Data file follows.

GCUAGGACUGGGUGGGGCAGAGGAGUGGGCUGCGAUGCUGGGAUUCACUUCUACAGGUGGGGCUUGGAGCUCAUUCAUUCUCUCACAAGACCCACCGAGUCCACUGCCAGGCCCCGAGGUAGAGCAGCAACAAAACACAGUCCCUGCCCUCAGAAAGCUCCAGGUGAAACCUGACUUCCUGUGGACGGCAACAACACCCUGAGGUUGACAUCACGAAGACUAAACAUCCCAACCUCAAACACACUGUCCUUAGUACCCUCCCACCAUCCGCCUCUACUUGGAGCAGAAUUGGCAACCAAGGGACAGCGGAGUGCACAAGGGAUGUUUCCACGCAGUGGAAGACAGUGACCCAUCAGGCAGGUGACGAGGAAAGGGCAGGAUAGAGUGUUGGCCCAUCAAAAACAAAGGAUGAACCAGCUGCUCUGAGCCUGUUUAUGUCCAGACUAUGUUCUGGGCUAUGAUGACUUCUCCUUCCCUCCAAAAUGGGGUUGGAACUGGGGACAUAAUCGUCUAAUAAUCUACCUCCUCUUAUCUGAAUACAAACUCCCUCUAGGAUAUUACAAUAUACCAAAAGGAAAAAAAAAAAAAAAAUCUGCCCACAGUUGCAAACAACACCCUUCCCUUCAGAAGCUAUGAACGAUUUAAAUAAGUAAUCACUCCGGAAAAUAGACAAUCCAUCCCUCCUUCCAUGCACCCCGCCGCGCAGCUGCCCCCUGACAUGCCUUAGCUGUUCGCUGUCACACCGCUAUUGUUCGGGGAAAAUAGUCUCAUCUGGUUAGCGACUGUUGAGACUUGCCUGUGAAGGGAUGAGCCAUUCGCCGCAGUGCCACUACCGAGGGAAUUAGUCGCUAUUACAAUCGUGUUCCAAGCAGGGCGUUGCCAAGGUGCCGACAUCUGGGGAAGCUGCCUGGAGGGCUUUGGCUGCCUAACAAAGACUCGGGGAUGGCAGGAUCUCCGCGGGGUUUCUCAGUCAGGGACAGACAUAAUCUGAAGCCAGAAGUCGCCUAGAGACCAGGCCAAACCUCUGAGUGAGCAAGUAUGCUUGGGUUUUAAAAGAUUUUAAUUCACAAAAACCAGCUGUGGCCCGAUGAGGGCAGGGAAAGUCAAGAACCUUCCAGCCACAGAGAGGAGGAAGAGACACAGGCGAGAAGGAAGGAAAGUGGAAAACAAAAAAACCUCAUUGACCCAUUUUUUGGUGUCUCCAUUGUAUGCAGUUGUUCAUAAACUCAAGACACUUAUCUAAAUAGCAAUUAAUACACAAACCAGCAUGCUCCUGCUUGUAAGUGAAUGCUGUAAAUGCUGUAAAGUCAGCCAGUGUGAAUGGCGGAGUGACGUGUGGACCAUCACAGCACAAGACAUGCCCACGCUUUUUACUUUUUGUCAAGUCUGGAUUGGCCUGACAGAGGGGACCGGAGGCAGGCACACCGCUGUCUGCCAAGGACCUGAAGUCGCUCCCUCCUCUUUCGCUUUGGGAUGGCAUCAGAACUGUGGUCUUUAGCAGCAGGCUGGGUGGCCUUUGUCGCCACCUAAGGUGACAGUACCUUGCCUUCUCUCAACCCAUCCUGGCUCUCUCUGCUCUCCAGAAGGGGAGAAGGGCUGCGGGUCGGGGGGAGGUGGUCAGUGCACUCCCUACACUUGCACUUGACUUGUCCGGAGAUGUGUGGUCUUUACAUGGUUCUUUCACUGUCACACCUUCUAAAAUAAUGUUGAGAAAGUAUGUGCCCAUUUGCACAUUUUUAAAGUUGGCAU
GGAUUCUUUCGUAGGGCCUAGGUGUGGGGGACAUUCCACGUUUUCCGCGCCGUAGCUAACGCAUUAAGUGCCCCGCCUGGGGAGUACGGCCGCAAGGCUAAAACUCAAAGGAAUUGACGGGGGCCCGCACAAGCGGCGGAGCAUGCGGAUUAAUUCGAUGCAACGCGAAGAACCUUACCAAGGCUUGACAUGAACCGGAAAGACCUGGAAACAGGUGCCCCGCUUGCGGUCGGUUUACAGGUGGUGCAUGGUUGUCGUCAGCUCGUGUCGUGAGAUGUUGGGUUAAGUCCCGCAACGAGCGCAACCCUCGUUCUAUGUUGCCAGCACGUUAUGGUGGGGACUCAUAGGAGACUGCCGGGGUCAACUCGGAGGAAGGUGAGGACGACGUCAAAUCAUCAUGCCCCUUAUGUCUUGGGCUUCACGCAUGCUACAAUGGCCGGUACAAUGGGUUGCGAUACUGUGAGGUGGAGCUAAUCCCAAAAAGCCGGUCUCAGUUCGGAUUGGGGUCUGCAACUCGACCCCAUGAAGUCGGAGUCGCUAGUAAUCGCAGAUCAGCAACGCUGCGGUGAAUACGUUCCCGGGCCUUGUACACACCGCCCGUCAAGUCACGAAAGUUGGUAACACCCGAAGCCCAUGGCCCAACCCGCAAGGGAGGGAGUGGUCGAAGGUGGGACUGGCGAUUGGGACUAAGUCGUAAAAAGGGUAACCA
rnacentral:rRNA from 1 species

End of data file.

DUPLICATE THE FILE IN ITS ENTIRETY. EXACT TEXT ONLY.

GCUAGGACUGGGUGGGGCAGAGGAGUGGGCUGCGAUGCUGGGAUUCACUUCUACAGGUGGGGCUUGGAGCUCAUUCAUUCUCUCACAAGACCCACCGAGUCCACUGCCAGGCCCCGAGGUAGAGCAGCAACAAAACACAGUCCCUGCCCUCAGAAAGCUCCAGGUGAAACCUGACUUCCUGUGGACGGCAACAACACCCUGAGGUUGACAUCACGAAGACUAAACAUCCCAACCUCAAACACACUGUCCUUAGUACCCUCCCACCAUCCGCCUCUACUUGGAGCAGAAUUGGCAACCAAGGGACAGCGGAGUGCACAAGGGAUGUUUCCACGCAGUGGAAGACAGUGACCCAUCAGGCAGGUGACGAGGAAAGGGCAGGAUAGAGUGUUGGCCCAUCAAAAACAAAGGAUGAACCAGCUGCUCUGAGCCUGUUUAUGUCCAGACUAUGUUCUGGGCUAUGAUGACUUCUCCUUCCCUCCAAAAUGGGGUUGGAACUGGGGACAUAAUCGUCUAAUAAUCUACCUCCUCUUAUCUGAAUACAAACUCCCUCUAGGAUAUUACAAUAUACCAAAAGGAAAAAAAAAAAAAAAAUCUGCCCACAGUUGCAAACAACACCCUUCCCUUCAGAAGCUAUGAACGAUUUAAAUAAGUAAUCACUCCGGAAAAUAGACAAUCCAUCCCUCCUUCCAUGCACCCCGCCGCGCAGCUGCCCCCUGACAUGCCUUAGCUGUUCGCUGUCACACCGCUAUUGUUCGGGGAAAAUAGUCUCAUCUGGUUAGCGACUGUUGAGACUUGCCUGUGAAGGGAUGAGCCAUUCGCCGCAGUGCCACUACCGAGGGAAUUAGUCGCUAUUACAAUCGUGUUCCAAGCAGGGCGUUGCCAAGGUGCCGACAUCUGGGGAAGCUGCCUGGAGGGCUUUGGCUGCCUAACAAAGACUCGGGGAUGGCAGGAUCUCCGCGGGGUUUCUCAGUCAGGGACAGACAUAAUCUGAAGCCAGAAGUCGCCUAGAGACCAGGCCAAACCUCUGAGUGAGCAAGUAUGCUUGGGUUUUAAAAGAUUUUAAUUCACAAAAACCAGCUGUGGCCCGAUGAGGGCAGGGAAAGUCAAGAACCUUCCAGCCACAGAGAGGAGGAAGAGACACAGGCGAGAAGGAAGGAAAGUGGAAAACAAAAAAACCUCAUUGACCCAUUUUUUGGUGUCUCCAUUGUAUGCAGUUGUUCAUAAACUCAAGACACUUAUCUAAAUAGCAAUUAAUACACAAACCAGCAUGCUCCUGCUUGUAAGUGAAUGCUGUAAAUGCUGUAAAGUCAGCCAGUGUGAAUGGCGGAGUGACGUGUGGACCAUCACAGCACAAGACAUGCCCACGCUUUUUACUUUUUGUCAAGUCUGGAUUGGCCUGACAGAGGGGACCGGAGGCAGGCACACCGCUGUCUGCCAAGGACCUGAAGUCGCUCCCUCCUCUUUCGCUUUGGGAUGGCAUCAGAACUGUGGUCUUUAGCAGCAGGCUGGGUGGCCUUUGUCGCCACCUAAGGUGACAGUACCUUGCCUUCUCUCAACCCAUCCUGGCUCUCUCUGCUCUCCAGAAGGGGAGAAGGGCUGCGGGUCGGGGGGAGGUGGUCAGUGCACUCCCUACACUUGCACUUGACUUGUCCGGAGAUGUGUGGUCUUUACAUGGUUCUUUCACUGUCACACCUUCUAAAAUAAUGUUGAGAAAGUAUGUGCCCAUUUGCACAUUUUUAAAGUUGGCAU
GGAUUCUUUCGUAGGGCCUAGGUGUGGGGGACAUUCCACGUUUUCCGCGCCGUAGCUAACGCAUUAAGUGCCCCGCCUGGGGAGUACGGCCGCAAGGCUAAAACUCAAAGGAAUUGACGGGGGCCCGCACAAGCGGCGGAGCAUGCGGAUUAAUUCGAUGCAACGCGAAGAACCUUACCAAGGCUUGACAUGAACCGGAAAGACCUGGAAACAGGUGCCCCGCUUGCGGUCGGUUUACAGGUGGUGCAUGGUUGUCGUCAGCUCGUGUCGUGAGAUGUUGGGUUAAGUCCCGCAACGAGCGCAACCCUCGUUCUAUGUUGCCAGCACGUUAUGGUGGGGACUCAUAGGAGACUGCCGGGGUCAACUCGGAGGAAGGUGAGGACGACGUCAAAUCAUCAUGCCCCUUAUGUCUUGGGCUUCACGCAUGCUACAAUGGCCGGUACAAUGGGUUGCGAUACUGUGAGGUGGAGCUAAUCCCAAAAAGCCGGUCUCAGUUCGGAUUGGGGUCUGCAACUCGACCCCAUGAAGUCGGAGUCGCUAGUAAUCGCAGAUCAGCAACGCUGCGGUGAAUACGUUCCCGGGCCUUGUACACACCGCCCGUCAAGUCACGAAAGUUGGUAACACCCGAAGCCCAUGGCCCAACCCGCAAGGGAGGGAGUGGUCGAAGGUGGGACUGGCGAUUGGGACUAAGUCGUAAAAAGGGUAACCA
rnacentral:rRNA from 1 species